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In This List

Leaked Brexit crisis plan; ECB clears Carige rescue; NatWest data breach

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Leaked Brexit crisis plan; ECB clears Carige rescue; NatWest data breach

* A group that provides counsel to the ECB has urged European lenders and other financial institutions to expedite the phasing out of the Eonia interest rate benchmark, which prices derivatives, loans and bonds worth over €24 trillion, the Financial Times wrote. The euro short-term rate, or €STR, benchmark is set to replace Eonia in early October.

UK AND IRELAND

* Senior civil servants have warned that U.K. businesses are not ready for a "no deal" Brexit and that the nation may experience shortages of fuel, food and medicine in such a situation. A government report leaked to The Sunday Times stated that ports along the English Channel could see major disruption that could go on for three months if the U.K. leaves the EU without a deal on Oct. 31, as looks increasingly likely.

* Meanwhile a group of U.K. MPs has urged Prime Minister Boris Johnson to recall parliament from the summer recess because of the "economic emergency," City AM reported.

* Royal Bank of Scotland Group PLC failed to keep its customers in the loop about a serious data breach involving the critically sensitive data of over 1,600 clients of unit National Westminster Bank PLC, The Times wrote. The information is being held by a former employee who was dismissed by the lender in 2009, and who has allegedly been trying to negotiate a safe return of the information.

* U.K.-based CYBG PLC may have to take another large provision for payment protection insurance, The Sunday Times wrote.

* London-based consultancy PwC has won a £16.5 million contract to manage the remaining assets of Britain's crisis-era "bad bank" UK Asset Resolution Ltd., which housed assets from Northern Rock and Bradford & Bingley, Reuters reported, citing a government contract notice.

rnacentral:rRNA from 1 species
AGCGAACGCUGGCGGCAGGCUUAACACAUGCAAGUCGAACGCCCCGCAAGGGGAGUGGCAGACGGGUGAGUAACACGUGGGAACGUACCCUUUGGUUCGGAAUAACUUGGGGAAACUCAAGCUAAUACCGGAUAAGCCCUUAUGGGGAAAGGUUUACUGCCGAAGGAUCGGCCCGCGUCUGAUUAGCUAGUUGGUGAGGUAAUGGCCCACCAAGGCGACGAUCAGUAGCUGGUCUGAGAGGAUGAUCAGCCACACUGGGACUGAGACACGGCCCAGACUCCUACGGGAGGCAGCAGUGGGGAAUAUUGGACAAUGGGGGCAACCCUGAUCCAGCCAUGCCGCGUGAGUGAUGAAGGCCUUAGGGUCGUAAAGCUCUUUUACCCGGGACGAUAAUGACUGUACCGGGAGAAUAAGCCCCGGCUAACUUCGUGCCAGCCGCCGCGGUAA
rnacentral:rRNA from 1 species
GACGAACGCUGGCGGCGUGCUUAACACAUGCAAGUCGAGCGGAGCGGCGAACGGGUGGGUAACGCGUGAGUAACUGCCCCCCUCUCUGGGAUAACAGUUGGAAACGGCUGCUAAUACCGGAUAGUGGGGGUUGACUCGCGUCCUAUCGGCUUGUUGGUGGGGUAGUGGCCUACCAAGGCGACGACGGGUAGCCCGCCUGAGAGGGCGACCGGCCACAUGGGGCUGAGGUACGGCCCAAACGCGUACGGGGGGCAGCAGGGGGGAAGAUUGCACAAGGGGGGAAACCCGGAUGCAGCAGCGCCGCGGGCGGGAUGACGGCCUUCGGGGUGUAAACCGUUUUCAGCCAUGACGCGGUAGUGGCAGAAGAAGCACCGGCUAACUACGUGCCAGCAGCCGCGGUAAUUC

* Trading on the FTSE commenced 100 minutes late Aug. 16 after suffering the worst outage in more than eight years due to a "trading services issue." The London Stock Exchange said earlier in the day it was "investigating a potential trading services issue," causing a delayed open for the FTSE 100 and 250 indexes.

* Standard Chartered PLC is facing a penalty of more than £10 million for failing to prevent sanctions breaches, Sky News reported. The U.K.'s Office of Financial Sanctions Implementation has notified the bank that it plans to impose the penalty in the next few weeks, but Standard Chartered is expected to appeal against the fine. The reasons behind the agency's decision are unclear at this point.

* The U.K.'s Upper Tribunal found that the former COO of Barclays PLC's wealth and investment management unit, Andrew Tinney, failed to meet the required standard of integrity when suggesting that a dossier into working conditions at the division did not exist. However, Tinney had a lifetime ban from working in financial services overturned.

GERMANY, SWITZERLAND AND AUSTRIA

* The SIX Swiss Exchange Ltd. denied reports that it is considering a potential acquisition of a stock exchange based in the EU should the ban on trading of Swiss equities in the bloc continue or escalate, Reuters reported.